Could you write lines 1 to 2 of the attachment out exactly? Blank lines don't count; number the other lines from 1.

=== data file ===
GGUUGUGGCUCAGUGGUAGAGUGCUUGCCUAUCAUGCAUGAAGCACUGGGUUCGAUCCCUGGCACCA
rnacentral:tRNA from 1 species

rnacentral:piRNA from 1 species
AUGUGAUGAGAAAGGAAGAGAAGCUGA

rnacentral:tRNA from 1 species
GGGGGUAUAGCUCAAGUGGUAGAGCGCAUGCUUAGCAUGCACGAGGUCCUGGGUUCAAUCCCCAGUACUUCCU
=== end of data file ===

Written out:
GGUUGUGGCUCAGUGGUAGAGUGCUUGCCUAUCAUGCAUGAAGCACUGGGUUCGAUCCCUGGCACCA
rnacentral:tRNA from 1 species